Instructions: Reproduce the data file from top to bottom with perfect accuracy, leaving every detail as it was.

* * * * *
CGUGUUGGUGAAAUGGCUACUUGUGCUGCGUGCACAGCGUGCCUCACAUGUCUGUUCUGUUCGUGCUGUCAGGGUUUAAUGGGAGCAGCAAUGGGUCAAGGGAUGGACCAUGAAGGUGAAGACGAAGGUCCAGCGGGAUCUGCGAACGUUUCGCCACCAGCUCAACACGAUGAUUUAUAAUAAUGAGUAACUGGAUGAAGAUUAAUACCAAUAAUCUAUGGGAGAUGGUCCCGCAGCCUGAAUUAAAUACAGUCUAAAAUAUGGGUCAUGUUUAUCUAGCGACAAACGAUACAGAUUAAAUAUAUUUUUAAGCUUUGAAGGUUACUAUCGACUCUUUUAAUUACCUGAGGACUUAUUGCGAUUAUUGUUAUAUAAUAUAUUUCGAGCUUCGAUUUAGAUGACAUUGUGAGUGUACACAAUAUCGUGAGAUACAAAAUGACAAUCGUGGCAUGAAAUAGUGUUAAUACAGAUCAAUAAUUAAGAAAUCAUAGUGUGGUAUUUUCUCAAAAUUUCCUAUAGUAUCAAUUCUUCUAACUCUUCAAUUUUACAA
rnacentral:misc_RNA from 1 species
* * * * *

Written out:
CGUGUUGGUGAAAUGGCUACUUGUGCUGCGUGCACAGCGUGCCUCACAUGUCUGUUCUGUUCGUGCUGUCAGGGUUUAAUGGGAGCAGCAAUGGGUCAAGGGAUGGACCAUGAAGGUGAAGACGAAGGUCCAGCGGGAUCUGCGAACGUUUCGCCACCAGCUCAACACGAUGAUUUAUAAUAAUGAGUAACUGGAUGAAGAUUAAUACCAAUAAUCUAUGGGAGAUGGUCCCGCAGCCUGAAUUAAAUACAGUCUAAAAUAUGGGUCAUGUUUAUCUAGCGACAAACGAUACAGAUUAAAUAUAUUUUUAAGCUUUGAAGGUUACUAUCGACUCUUUUAAUUACCUGAGGACUUAUUGCGAUUAUUGUUAUAUAAUAUAUUUCGAGCUUCGAUUUAGAUGACAUUGUGAGUGUACACAAUAUCGUGAGAUACAAAAUGACAAUCGUGGCAUGAAAUAGUGUUAAUACAGAUCAAUAAUUAAGAAAUCAUAGUGUGGUAUUUUCUCAAAAUUUCCUAUAGUAUCAAUUCUUCUAACUCUUCAAUUUUACAA
rnacentral:misc_RNA from 1 species